The Bank of England, one of the institutions tasked with protecting our financial interests and warding off bad stuff, says that we are likely to enter recession in 2023.
This is rather like the babysitter announcing ‘I think the kids are going to fall down the stairs’ as they stand aside whilst watching your offspring teeter precariously on the top step.
Behold the quality of tenure for which we pay Andrew Bailey £575,000 a year and where we seem to have gone from the unreliable boyfriend of Mark Carney, the hysterical harbinger of doom, to Andrew ‘close the door after the horse has bolted’ Bailey.
We’d perhaps be better off just sticking some random names in a hat and picking one out as the Bank’s Governor – Gladys Jones, 55, a dinner lady from Laindon, would surely do a more impressive job? I’d suggest a role-swap but fear that the schoolchildren of Basildon would starve to death as Bailey, adorned in hairnet and white wellies, bemoans that ‘someone’ had forgotten to turn the oven on.
‘Recession’ is a sinister word. I’ve lived through three actual economic downturns, two in my working life, and recall them as not being all that nice. Soaring unemployment, shuttered shops, financial hardship, bankruptcies, home repossessions, doomsday sentiment all around and further proliferated by political desperation and supercharged unions bringing the country to a halt as they insist on pie-in-the-sky wage settlements to compensate for the effect of the economic climate.
But actually, recession is just a technical term. It means ‘two consecutive quarters of negative GDP growth’. Let’s be honest, even though the most recent GDP numbers show a Q2 decline of 0.1% did you really notice? And if that stat is repeated in Q3 would the statistic in and of itself impact you in any way? No, of course not.
No, ‘recession’ is a hyped prospect but has an impact nonetheless because it is weaponised by a lustful media as something to scare us. Scary stories and sensationalist headlines do sell.
By way of example, in 2008 as some bank traders were throwing themselves out of windows and others were scrambling to find boxes with which to pack their family photos as they were unceremoniously kicked from their offices, we watched the news media whip things up as much as they possibly could. Broadcast journalists in particular, seemed to revel in the impending financial meltdown and added gallons of kerosine to the smouldering fire by speculating that all of the banks would go bust and that world economies would collapse.
In particular they rounded on Northern Rock as vulnerable.
Within 24 hours of speculating that Northern Rock would go to the wall, lo and behold there were news helicopters circling Northern Rock branches accompanied by drooling journalists on the ground claiming amazement at the crowds of customers now snaking around the high streets queuing to withdraw all their money – the queues that they themselves had prompted. And which immediately caused more panic and, inevitably, the collapse of said bank. The media are often very accomplished at bringing about such self-fulfilling prophecies.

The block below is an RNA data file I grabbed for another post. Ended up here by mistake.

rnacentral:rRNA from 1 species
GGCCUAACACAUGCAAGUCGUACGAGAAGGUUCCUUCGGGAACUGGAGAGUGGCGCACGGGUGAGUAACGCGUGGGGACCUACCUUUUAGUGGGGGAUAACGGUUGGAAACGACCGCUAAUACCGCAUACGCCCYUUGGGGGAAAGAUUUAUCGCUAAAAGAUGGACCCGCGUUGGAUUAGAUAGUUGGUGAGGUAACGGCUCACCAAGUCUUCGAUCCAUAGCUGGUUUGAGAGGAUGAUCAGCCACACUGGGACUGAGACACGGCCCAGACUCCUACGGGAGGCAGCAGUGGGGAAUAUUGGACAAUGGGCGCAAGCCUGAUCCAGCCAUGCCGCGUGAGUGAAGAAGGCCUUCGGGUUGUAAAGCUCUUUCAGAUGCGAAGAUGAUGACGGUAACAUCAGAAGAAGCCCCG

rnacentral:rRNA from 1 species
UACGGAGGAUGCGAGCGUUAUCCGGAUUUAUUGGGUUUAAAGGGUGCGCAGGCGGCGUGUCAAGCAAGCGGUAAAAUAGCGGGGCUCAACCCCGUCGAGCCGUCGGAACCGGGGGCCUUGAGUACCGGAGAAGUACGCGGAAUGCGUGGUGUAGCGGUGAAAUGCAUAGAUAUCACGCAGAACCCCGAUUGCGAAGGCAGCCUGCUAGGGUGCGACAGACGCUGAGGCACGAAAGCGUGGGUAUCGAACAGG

As we near 2023, this will happen again. A ravenous media chock-full of editors that are all wired to outdo each other, will tweak, exaggerate and hype any statistical morsel that they can and will exploit all the crank guests and commentators possible in order to prophecise that Britain is set to burn to the ground financially.
The property sector plays an important part in all of this because it’s widely recognised, even by the most intellectually challenged of politicians, that the housing market’s health is linked to the buoyancy of the wider economy. This is why the then Chancellor Rishi Sunak sought to prop up the property market during the pandemic with a stamp duty holiday, not because he has a fondness for estate agents but because positivity amongst homeowners translates to consumer spending and a generally positive sentiment.
Our duty now in the face of the sensationalism that we are about to witness is to remain positive about our market and not to allow doom-monkeys to entice us to contribute to negative sentiment further by talking the market down.
Because for every real estate, consumer or business investment decision that is delayed or cancelled today because of recessionary ‘fears’, for every acquiescence toward house prices dropping, for every supposition around unemployment rising etc etc, there will be ten more people that listen and then follow that lead by sitting on the fence tomorrow.
The more people that are spooked by simple speculation albeit based just entirely on that technical data point that I referred to earlier, the less money will be spent and accordingly, the more likely it is that we do indeed bring about the downturn ourselves based upon our own hyperbole. We will literally talk ourselves poorer by second-guessing economic hardship and abstaining from economic activity accordingly. Doh! As someone once said.
The self-fulfilling prophecy of 2008 beckons once again and we face the same old danger of forcing ourselves into a proper downturn, totally and completely unnecessarily. That is, only if we ourselves allow it.
Russell Quirk is co-founder of ProperPR.
I understand your point, I’m not sure how easy it will be convincing people to spend big when they know what’s coming, especially FTB (if they can afford the deposit & mortgage).
Simple solution to stopping media prophecies – don’t read newspapers. All you are doing is reading other peoples opinions, with their/their boss’s own agendas.
In fact just avoid all media, especially social media. All it does is negatively affect your mental health.
You’ll still hear about the big stuff when sticking to your industry and interests, just like here.
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